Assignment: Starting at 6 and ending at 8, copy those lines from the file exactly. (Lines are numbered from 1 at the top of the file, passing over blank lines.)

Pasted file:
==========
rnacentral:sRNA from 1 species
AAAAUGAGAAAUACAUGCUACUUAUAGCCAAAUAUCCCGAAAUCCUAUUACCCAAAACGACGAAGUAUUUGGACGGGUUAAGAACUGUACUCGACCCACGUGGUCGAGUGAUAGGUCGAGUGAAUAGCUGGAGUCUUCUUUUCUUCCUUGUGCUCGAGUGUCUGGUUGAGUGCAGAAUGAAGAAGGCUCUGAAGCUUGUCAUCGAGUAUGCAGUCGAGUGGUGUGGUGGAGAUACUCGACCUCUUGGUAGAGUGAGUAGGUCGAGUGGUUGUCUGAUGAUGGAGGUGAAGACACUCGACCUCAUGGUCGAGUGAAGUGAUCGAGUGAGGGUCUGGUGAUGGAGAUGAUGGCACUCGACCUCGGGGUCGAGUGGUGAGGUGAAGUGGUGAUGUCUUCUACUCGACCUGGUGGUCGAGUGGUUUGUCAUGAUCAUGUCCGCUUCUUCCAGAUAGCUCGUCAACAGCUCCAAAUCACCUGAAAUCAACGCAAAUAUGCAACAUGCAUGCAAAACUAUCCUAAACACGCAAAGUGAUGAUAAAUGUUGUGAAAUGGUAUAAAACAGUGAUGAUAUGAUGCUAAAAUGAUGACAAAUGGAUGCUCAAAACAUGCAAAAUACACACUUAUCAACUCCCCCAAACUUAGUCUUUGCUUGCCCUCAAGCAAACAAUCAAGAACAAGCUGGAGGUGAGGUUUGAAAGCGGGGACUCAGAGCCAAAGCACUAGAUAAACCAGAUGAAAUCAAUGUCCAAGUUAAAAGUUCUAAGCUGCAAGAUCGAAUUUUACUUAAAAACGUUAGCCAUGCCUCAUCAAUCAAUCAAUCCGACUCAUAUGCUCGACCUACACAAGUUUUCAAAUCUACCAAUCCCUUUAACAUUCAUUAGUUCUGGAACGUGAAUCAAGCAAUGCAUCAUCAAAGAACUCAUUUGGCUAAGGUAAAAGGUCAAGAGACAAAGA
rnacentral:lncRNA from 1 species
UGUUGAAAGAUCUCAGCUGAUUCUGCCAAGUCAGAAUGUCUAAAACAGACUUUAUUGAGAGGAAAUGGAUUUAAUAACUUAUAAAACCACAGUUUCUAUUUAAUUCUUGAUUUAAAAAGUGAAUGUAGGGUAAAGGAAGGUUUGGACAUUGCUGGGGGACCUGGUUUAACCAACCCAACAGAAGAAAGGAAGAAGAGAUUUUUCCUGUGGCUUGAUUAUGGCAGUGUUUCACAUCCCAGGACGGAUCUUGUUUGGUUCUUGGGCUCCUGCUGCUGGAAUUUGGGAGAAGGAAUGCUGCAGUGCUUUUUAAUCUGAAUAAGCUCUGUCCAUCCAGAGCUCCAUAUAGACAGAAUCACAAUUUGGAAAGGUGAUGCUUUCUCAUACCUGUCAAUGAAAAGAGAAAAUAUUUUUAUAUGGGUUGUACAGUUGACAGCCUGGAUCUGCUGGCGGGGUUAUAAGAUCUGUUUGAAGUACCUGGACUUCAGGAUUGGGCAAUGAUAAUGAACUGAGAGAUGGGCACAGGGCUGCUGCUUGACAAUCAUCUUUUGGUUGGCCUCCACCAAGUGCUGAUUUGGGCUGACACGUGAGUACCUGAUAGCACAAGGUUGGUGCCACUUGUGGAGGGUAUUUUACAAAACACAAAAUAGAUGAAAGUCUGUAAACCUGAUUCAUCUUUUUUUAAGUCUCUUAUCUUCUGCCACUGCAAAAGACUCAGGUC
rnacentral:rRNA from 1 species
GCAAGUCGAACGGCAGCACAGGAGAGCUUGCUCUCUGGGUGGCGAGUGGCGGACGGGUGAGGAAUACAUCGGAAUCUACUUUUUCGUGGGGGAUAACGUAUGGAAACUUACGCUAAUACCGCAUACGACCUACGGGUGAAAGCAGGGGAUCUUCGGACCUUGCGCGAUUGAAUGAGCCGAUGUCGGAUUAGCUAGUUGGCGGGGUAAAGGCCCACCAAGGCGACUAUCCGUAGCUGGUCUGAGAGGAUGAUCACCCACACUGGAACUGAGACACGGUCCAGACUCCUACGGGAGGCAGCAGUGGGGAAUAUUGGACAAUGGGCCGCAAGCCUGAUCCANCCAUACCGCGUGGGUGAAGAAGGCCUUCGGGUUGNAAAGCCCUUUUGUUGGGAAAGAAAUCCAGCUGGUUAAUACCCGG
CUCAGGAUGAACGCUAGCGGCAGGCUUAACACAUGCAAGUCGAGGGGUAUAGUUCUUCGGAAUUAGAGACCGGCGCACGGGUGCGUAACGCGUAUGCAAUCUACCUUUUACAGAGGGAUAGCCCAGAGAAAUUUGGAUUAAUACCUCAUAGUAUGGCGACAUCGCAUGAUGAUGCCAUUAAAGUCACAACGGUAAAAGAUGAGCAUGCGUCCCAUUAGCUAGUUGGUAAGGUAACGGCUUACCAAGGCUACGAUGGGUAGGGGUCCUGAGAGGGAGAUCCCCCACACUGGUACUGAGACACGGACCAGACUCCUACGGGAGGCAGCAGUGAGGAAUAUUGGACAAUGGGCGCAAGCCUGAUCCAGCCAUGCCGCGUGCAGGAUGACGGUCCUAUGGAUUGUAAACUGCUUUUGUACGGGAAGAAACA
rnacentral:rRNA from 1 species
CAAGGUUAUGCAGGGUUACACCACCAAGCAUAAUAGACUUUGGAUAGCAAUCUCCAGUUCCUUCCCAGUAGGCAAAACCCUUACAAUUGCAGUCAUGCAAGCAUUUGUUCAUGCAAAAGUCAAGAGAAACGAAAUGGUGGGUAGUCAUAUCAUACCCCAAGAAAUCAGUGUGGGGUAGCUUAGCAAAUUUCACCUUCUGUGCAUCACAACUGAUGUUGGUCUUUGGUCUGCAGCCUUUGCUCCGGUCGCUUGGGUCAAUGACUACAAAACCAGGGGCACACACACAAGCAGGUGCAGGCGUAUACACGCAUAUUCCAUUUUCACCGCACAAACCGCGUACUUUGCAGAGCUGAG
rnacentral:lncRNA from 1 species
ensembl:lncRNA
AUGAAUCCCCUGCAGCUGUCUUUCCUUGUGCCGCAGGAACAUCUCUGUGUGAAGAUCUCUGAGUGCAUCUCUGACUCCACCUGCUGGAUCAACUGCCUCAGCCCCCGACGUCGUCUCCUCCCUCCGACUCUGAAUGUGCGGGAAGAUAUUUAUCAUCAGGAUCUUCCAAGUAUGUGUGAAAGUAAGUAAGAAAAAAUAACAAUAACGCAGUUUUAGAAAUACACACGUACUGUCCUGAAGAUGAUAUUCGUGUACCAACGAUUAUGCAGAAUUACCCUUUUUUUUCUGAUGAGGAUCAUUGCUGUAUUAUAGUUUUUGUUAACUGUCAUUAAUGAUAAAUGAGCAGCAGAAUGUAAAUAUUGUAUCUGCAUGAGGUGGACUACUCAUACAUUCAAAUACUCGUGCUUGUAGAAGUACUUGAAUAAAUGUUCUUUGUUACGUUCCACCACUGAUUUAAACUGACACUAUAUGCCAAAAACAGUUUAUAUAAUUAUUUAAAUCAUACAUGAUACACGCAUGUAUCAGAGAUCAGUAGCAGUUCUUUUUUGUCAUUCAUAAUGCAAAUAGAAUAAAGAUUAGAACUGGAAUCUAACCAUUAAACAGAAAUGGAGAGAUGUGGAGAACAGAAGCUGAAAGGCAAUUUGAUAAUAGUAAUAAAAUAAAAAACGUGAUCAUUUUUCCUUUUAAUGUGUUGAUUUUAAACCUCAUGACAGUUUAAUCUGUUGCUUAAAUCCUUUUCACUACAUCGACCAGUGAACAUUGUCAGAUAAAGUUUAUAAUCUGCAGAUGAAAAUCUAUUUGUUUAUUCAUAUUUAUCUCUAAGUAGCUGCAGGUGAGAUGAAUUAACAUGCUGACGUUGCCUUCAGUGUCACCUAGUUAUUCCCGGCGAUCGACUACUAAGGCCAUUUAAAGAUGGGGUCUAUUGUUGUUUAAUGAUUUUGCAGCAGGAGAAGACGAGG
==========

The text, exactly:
GCAAGUCGAACGGCAGCACAGGAGAGCUUGCUCUCUGGGUGGCGAGUGGCGGACGGGUGAGGAAUACAUCGGAAUCUACUUUUUCGUGGGGGAUAACGUAUGGAAACUUACGCUAAUACCGCAUACGACCUACGGGUGAAAGCAGGGGAUCUUCGGACCUUGCGCGAUUGAAUGAGCCGAUGUCGGAUUAGCUAGUUGGCGGGGUAAAGGCCCACCAAGGCGACUAUCCGUAGCUGGUCUGAGAGGAUGAUCACCCACACUGGAACUGAGACACGGUCCAGACUCCUACGGGAGGCAGCAGUGGGGAAUAUUGGACAAUGGGCCGCAAGCCUGAUCCANCCAUACCGCGUGGGUGAAGAAGGCCUUCGGGUUGNAAAGCCCUUUUGUUGGGAAAGAAAUCCAGCUGGUUAAUACCCGG
CUCAGGAUGAACGCUAGCGGCAGGCUUAACACAUGCAAGUCGAGGGGUAUAGUUCUUCGGAAUUAGAGACCGGCGCACGGGUGCGUAACGCGUAUGCAAUCUACCUUUUACAGAGGGAUAGCCCAGAGAAAUUUGGAUUAAUACCUCAUAGUAUGGCGACAUCGCAUGAUGAUGCCAUUAAAGUCACAACGGUAAAAGAUGAGCAUGCGUCCCAUUAGCUAGUUGGUAAGGUAACGGCUUACCAAGGCUACGAUGGGUAGGGGUCCUGAGAGGGAGAUCCCCCACACUGGUACUGAGACACGGACCAGACUCCUACGGGAGGCAGCAGUGAGGAAUAUUGGACAAUGGGCGCAAGCCUGAUCCAGCCAUGCCGCGUGCAGGAUGACGGUCCUAUGGAUUGUAAACUGCUUUUGUACGGGAAGAAACA
rnacentral:rRNA from 1 species